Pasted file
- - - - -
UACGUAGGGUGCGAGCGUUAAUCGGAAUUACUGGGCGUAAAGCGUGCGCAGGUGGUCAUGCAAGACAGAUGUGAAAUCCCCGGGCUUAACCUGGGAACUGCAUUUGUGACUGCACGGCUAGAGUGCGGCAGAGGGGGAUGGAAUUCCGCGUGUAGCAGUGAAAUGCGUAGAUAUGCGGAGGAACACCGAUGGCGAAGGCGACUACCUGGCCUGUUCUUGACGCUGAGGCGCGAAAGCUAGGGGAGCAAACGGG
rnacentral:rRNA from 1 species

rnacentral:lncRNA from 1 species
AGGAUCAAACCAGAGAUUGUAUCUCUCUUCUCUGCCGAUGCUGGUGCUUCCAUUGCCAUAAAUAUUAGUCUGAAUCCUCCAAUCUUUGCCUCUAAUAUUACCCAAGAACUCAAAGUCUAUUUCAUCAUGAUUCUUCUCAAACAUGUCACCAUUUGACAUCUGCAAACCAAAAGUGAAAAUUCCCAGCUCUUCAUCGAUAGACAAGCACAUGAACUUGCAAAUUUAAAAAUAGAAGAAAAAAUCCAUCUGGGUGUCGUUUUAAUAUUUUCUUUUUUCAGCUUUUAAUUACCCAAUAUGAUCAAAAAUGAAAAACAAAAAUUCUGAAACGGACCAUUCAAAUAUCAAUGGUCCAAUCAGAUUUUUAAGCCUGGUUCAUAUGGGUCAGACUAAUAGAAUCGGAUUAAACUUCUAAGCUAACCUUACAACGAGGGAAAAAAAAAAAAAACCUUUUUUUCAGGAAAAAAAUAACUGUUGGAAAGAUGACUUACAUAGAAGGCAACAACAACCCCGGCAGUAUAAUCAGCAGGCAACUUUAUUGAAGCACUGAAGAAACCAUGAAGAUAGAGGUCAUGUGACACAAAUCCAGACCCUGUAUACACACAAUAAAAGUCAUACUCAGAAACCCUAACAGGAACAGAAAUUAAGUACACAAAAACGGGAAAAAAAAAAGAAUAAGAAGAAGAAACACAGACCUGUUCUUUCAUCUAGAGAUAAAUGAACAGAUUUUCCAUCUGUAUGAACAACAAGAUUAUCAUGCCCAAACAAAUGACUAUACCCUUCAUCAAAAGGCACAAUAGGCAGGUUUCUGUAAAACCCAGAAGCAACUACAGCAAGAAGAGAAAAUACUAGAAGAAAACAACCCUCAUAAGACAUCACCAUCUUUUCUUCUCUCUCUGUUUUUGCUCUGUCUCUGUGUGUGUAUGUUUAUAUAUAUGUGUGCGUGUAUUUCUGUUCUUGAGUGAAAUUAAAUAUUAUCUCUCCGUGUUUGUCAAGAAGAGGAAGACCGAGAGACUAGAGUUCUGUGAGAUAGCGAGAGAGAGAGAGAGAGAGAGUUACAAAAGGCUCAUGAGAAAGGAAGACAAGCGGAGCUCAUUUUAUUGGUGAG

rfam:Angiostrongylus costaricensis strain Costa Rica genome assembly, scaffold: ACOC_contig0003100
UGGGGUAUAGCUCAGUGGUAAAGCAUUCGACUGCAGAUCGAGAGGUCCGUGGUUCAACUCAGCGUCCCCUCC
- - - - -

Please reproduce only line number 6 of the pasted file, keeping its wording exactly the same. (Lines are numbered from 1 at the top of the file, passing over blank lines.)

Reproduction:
UGGGGUAUAGCUCAGUGGUAAAGCAUUCGACUGCAGAUCGAGAGGUCCGUGGUUCAACUCAGCGUCCCCUCC